The miraculous deliverance of Jerusalem does more than bring glory to God among the Gentiles. It also causes fear and conviction in the hearts of the ungodly in Judah. The Lord does not free us of danger so we may continue in sin. Rather, “with You there is forgiveness, so that You may be revered” (Ps. 130:4). When the Jews awaken one morning to the sight of 185,000 Assyrian corpses on the hills outside Jerusalem, they realized the God of Israel is “a consuming fire” (v. 14; see Isa. 10:17; Heb. 12:29).

Isaiah then describes the kind of person God will bless: the one who “lives righteously and speaks rightly, who refuses gain from extortion, whose hand never takes a bribe, who stops his ears from listening to murderous plots” (v. 15). That person will “dwell on the heights; his refuge will be the rocky fortresses, his food provided, his water assured” (v. 16). This is not a universal promise of prosperity, for surely many godly people suffer extreme hardship and persecution (see Heb. 11:35b-38). It is, however, a reminder of God’s promise to bless Israel, contingent upon the people’s faithfulness to Him.

The Reign of God in Zion (Isa. 33:17-24)

The prophet now describes the prosperous land in which the redeemed one day will live, safely and securely in the majestic presence of the Messiah. They will remember the dark days of oppression at the hands of foreign invaders, including the Assyrians, and rest in the knowledge that their nation and its capital city are free from attacks by land or sea. Assyria’s defeat will be like a shipwreck, leaving abundant spoils for the Jews to plunder. In fact, the booty will be so great after the Lord strikes the Assyrian army (Isa. 37:36) that even the lame will have ample time to take their fill (v. 23). Peace and prosperity will come by the Lord’s doing, not by human strength or political alliances.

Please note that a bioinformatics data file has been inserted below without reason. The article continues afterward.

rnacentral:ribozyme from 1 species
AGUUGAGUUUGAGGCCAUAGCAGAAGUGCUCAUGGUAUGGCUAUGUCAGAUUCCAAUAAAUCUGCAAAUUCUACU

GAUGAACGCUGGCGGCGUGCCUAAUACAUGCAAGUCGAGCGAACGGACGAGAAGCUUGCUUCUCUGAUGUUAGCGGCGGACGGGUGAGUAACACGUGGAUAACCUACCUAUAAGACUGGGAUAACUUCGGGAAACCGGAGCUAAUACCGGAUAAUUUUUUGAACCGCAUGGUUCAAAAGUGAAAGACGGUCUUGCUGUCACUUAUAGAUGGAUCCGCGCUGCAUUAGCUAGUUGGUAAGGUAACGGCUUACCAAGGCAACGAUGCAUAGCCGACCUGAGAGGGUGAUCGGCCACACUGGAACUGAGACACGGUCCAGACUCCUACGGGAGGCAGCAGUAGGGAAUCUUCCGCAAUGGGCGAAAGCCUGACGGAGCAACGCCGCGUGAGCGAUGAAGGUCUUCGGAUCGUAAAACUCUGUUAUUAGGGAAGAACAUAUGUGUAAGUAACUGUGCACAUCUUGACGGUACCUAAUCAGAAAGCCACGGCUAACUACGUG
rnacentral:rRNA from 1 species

Verse 17 offers a marvelous contrast. While the residents of Judah now see King Hezekiah in sackcloth, harassed and humbled by the Assyrians, one day they will see Messiah in His beauty – a righteous King to whom the world is drawn, preventing the unrighteous from entering His city. Three times in verse 22 He is called “the Lord,” and three titles are given to Him: Judge, Lawgiver and King. This is the “perfect ideal of the theocracy, to be realized under Messiah alone; the judicial, legislative, and administrative functions as king to be exercised by Him in person (Is 11:4; 32:1; Jam 4:12)” (Robert Jamieson, A.R. Fausset, David Brown, A Commentary, Critical and Explanatory, on the Old and New Testaments, S. Is 33:22).

Jerusalem during the messianic kingdom is described as “a peaceful pasture.” How different from Isaiah’s day in which Sennacherib surrounds the city with barbarous troops, seals it off and builds siege ramps against it. The day is coming, the prophet assures God’s people, when Jerusalem will be like a tent pitched by a broad river inaccessible to warships. “Jerusalem is one of the few great cities of antiquity that was not built near a river, but that will change during the millennial kingdom (Ezek. 47). Of course, the river symbolizes the peace that the Lord gives to His people (Isa. 48:18; 66:12; Ps. 46:4)” (Be Comforted, S. Is 33:1).

Closing Thought

Matthew Henry comments: “When things are brought thus to the last extremity, God will magnify himself. He had seemed to sit by as an unconcerned spectator: ‘But now will I arise, saith the Lord; now will I appear and act, and therein I will be not only evidenced, but exalted.’ He will not only demonstrate that there is a God that judges in the earth, but that he is God over all, and higher than the highest. ‘Now will I lift up myself, will prepare for action, will act vigorously, and will be glorified in it.’ God’s time to appear for his people is when their affairs are reduced to the lowest ebb, when their strength is gone and there is none shut up nor left, Deu. 32:36. When all other helpers fail, then is God’s time to help” (Matthew Henry’s Commentary on the Whole Bible: Complete and Unabridged in One Volume, S. Is 33:1).

Copyright 2009 by Rob Phillips

Isaiah 25: He Will Destroy Death Forever

Isaiah 25: Listen to an audio file (4.26.09)

Download a worksheet on Isaiah 25 for further study

Prologue

Where we are:

Part 1: Judgment